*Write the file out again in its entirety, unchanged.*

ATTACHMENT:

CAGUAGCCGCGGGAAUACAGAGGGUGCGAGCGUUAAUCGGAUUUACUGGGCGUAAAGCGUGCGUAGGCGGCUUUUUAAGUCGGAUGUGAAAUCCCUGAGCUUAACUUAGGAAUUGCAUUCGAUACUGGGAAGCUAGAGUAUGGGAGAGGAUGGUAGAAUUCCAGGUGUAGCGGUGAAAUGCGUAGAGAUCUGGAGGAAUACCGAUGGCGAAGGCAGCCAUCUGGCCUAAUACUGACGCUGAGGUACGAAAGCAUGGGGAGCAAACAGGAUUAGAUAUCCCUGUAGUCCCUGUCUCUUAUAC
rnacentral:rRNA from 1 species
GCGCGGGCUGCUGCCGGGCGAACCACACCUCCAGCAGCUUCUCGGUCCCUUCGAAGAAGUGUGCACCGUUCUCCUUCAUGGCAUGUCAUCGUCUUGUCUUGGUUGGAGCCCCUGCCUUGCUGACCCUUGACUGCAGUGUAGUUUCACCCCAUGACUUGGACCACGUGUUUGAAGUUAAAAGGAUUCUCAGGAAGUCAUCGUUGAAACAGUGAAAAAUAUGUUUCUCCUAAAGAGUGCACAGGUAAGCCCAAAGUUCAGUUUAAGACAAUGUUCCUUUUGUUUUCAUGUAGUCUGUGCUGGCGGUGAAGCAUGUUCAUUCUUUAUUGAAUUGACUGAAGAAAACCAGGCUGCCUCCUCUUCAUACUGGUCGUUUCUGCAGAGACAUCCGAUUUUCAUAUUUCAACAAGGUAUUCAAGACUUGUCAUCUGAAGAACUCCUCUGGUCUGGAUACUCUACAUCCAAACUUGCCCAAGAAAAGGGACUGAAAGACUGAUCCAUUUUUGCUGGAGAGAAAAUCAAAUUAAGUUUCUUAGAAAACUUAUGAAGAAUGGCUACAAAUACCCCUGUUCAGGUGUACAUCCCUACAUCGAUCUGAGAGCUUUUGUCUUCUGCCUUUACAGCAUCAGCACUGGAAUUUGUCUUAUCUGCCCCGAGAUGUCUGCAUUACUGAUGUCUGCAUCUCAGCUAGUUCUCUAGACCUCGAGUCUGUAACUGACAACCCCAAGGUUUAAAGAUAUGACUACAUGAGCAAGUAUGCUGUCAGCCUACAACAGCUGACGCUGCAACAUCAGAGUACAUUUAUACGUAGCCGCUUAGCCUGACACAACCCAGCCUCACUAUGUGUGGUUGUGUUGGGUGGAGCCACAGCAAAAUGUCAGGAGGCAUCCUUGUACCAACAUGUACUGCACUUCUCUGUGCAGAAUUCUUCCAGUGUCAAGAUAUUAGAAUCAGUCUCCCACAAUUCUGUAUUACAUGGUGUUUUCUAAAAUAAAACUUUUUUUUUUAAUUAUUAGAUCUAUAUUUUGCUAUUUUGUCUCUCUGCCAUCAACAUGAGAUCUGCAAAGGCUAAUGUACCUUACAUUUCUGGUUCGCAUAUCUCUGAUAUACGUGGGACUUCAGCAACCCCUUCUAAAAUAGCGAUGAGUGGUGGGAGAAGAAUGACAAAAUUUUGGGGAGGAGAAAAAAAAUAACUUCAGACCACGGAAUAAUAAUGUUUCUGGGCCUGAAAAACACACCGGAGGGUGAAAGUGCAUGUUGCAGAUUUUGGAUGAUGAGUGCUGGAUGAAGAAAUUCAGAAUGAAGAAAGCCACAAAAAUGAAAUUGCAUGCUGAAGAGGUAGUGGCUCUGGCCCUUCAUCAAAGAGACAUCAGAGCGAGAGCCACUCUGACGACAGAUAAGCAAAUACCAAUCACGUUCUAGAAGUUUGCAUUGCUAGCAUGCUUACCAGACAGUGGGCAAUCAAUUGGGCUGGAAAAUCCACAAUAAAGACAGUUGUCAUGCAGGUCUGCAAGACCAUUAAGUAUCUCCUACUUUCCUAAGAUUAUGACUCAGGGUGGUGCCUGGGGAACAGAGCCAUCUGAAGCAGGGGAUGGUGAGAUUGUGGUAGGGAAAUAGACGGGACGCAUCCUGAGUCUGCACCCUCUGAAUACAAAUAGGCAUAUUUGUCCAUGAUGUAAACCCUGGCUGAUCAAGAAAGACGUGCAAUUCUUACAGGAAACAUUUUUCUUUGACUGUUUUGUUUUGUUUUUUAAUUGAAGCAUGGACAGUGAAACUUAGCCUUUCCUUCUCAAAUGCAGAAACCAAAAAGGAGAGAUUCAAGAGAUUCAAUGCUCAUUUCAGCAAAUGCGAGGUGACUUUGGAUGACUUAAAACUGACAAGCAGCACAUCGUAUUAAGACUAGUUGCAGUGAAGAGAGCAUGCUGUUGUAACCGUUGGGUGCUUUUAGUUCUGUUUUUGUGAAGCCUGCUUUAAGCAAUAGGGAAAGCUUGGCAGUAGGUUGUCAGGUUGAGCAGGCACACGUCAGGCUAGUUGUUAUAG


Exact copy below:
CAGUAGCCGCGGGAAUACAGAGGGUGCGAGCGUUAAUCGGAUUUACUGGGCGUAAAGCGUGCGUAGGCGGCUUUUUAAGUCGGAUGUGAAAUCCCUGAGCUUAACUUAGGAAUUGCAUUCGAUACUGGGAAGCUAGAGUAUGGGAGAGGAUGGUAGAAUUCCAGGUGUAGCGGUGAAAUGCGUAGAGAUCUGGAGGAAUACCGAUGGCGAAGGCAGCCAUCUGGCCUAAUACUGACGCUGAGGUACGAAAGCAUGGGGAGCAAACAGGAUUAGAUAUCCCUGUAGUCCCUGUCUCUUAUAC
rnacentral:rRNA from 1 species
GCGCGGGCUGCUGCCGGGCGAACCACACCUCCAGCAGCUUCUCGGUCCCUUCGAAGAAGUGUGCACCGUUCUCCUUCAUGGCAUGUCAUCGUCUUGUCUUGGUUGGAGCCCCUGCCUUGCUGACCCUUGACUGCAGUGUAGUUUCACCCCAUGACUUGGACCACGUGUUUGAAGUUAAAAGGAUUCUCAGGAAGUCAUCGUUGAAACAGUGAAAAAUAUGUUUCUCCUAAAGAGUGCACAGGUAAGCCCAAAGUUCAGUUUAAGACAAUGUUCCUUUUGUUUUCAUGUAGUCUGUGCUGGCGGUGAAGCAUGUUCAUUCUUUAUUGAAUUGACUGAAGAAAACCAGGCUGCCUCCUCUUCAUACUGGUCGUUUCUGCAGAGACAUCCGAUUUUCAUAUUUCAACAAGGUAUUCAAGACUUGUCAUCUGAAGAACUCCUCUGGUCUGGAUACUCUACAUCCAAACUUGCCCAAGAAAAGGGACUGAAAGACUGAUCCAUUUUUGCUGGAGAGAAAAUCAAAUUAAGUUUCUUAGAAAACUUAUGAAGAAUGGCUACAAAUACCCCUGUUCAGGUGUACAUCCCUACAUCGAUCUGAGAGCUUUUGUCUUCUGCCUUUACAGCAUCAGCACUGGAAUUUGUCUUAUCUGCCCCGAGAUGUCUGCAUUACUGAUGUCUGCAUCUCAGCUAGUUCUCUAGACCUCGAGUCUGUAACUGACAACCCCAAGGUUUAAAGAUAUGACUACAUGAGCAAGUAUGCUGUCAGCCUACAACAGCUGACGCUGCAACAUCAGAGUACAUUUAUACGUAGCCGCUUAGCCUGACACAACCCAGCCUCACUAUGUGUGGUUGUGUUGGGUGGAGCCACAGCAAAAUGUCAGGAGGCAUCCUUGUACCAACAUGUACUGCACUUCUCUGUGCAGAAUUCUUCCAGUGUCAAGAUAUUAGAAUCAGUCUCCCACAAUUCUGUAUUACAUGGUGUUUUCUAAAAUAAAACUUUUUUUUUUAAUUAUUAGAUCUAUAUUUUGCUAUUUUGUCUCUCUGCCAUCAACAUGAGAUCUGCAAAGGCUAAUGUACCUUACAUUUCUGGUUCGCAUAUCUCUGAUAUACGUGGGACUUCAGCAACCCCUUCUAAAAUAGCGAUGAGUGGUGGGAGAAGAAUGACAAAAUUUUGGGGAGGAGAAAAAAAAUAACUUCAGACCACGGAAUAAUAAUGUUUCUGGGCCUGAAAAACACACCGGAGGGUGAAAGUGCAUGUUGCAGAUUUUGGAUGAUGAGUGCUGGAUGAAGAAAUUCAGAAUGAAGAAAGCCACAAAAAUGAAAUUGCAUGCUGAAGAGGUAGUGGCUCUGGCCCUUCAUCAAAGAGACAUCAGAGCGAGAGCCACUCUGACGACAGAUAAGCAAAUACCAAUCACGUUCUAGAAGUUUGCAUUGCUAGCAUGCUUACCAGACAGUGGGCAAUCAAUUGGGCUGGAAAAUCCACAAUAAAGACAGUUGUCAUGCAGGUCUGCAAGACCAUUAAGUAUCUCCUACUUUCCUAAGAUUAUGACUCAGGGUGGUGCCUGGGGAACAGAGCCAUCUGAAGCAGGGGAUGGUGAGAUUGUGGUAGGGAAAUAGACGGGACGCAUCCUGAGUCUGCACCCUCUGAAUACAAAUAGGCAUAUUUGUCCAUGAUGUAAACCCUGGCUGAUCAAGAAAGACGUGCAAUUCUUACAGGAAACAUUUUUCUUUGACUGUUUUGUUUUGUUUUUUAAUUGAAGCAUGGACAGUGAAACUUAGCCUUUCCUUCUCAAAUGCAGAAACCAAAAAGGAGAGAUUCAAGAGAUUCAAUGCUCAUUUCAGCAAAUGCGAGGUGACUUUGGAUGACUUAAAACUGACAAGCAGCACAUCGUAUUAAGACUAGUUGCAGUGAAGAGAGCAUGCUGUUGUAACCGUUGGGUGCUUUUAGUUCUGUUUUUGUGAAGCCUGCUUUAAGCAAUAGGGAAAGCUUGGCAGUAGGUUGUCAGGUUGAGCAGGCACACGUCAGGCUAGUUGUUAUAG